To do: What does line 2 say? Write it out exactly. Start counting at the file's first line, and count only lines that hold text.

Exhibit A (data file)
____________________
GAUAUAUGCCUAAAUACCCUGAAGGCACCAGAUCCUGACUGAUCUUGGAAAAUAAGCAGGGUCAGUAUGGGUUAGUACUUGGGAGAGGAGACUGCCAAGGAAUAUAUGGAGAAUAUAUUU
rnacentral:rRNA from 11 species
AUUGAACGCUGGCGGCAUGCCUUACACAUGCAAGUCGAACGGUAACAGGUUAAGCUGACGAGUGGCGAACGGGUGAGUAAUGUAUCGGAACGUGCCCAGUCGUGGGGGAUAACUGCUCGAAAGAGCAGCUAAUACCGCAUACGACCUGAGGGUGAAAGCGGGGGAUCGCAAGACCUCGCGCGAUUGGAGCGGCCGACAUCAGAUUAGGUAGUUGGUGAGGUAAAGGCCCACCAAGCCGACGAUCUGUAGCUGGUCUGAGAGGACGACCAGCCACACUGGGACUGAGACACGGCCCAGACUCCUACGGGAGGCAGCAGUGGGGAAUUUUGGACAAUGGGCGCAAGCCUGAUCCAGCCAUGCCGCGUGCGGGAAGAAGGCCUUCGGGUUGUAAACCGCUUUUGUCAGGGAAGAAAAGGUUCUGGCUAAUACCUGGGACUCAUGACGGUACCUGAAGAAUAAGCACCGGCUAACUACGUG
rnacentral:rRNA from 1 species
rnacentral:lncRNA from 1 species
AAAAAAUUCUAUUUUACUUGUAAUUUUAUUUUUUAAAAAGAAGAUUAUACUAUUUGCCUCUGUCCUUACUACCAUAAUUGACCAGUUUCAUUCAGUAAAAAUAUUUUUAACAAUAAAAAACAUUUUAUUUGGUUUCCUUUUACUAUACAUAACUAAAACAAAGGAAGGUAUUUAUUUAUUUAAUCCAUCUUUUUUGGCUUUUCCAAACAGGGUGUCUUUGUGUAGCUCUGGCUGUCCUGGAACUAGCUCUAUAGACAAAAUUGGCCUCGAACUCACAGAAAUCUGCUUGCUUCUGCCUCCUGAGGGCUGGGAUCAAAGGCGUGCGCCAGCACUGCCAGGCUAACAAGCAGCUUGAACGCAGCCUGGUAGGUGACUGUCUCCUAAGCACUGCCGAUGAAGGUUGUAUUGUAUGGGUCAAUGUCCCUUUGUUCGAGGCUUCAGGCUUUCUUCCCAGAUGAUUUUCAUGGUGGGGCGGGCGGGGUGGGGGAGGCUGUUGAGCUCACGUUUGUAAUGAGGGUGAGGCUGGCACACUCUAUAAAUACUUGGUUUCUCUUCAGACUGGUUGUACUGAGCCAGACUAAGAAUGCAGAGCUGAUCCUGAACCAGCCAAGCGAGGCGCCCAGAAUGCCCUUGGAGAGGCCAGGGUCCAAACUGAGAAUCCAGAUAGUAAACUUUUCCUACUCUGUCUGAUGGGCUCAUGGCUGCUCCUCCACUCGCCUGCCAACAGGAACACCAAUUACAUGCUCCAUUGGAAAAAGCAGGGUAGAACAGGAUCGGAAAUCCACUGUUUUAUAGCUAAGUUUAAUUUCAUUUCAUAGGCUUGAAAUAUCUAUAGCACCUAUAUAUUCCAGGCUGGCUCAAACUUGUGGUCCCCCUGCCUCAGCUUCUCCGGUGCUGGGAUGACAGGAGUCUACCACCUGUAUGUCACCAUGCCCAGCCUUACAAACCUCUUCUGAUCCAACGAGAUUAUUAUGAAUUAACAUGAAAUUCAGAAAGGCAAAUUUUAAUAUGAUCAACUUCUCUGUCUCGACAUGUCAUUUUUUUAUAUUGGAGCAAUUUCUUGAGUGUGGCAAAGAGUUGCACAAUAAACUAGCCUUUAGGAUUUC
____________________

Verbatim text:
rnacentral:rRNA from 11 species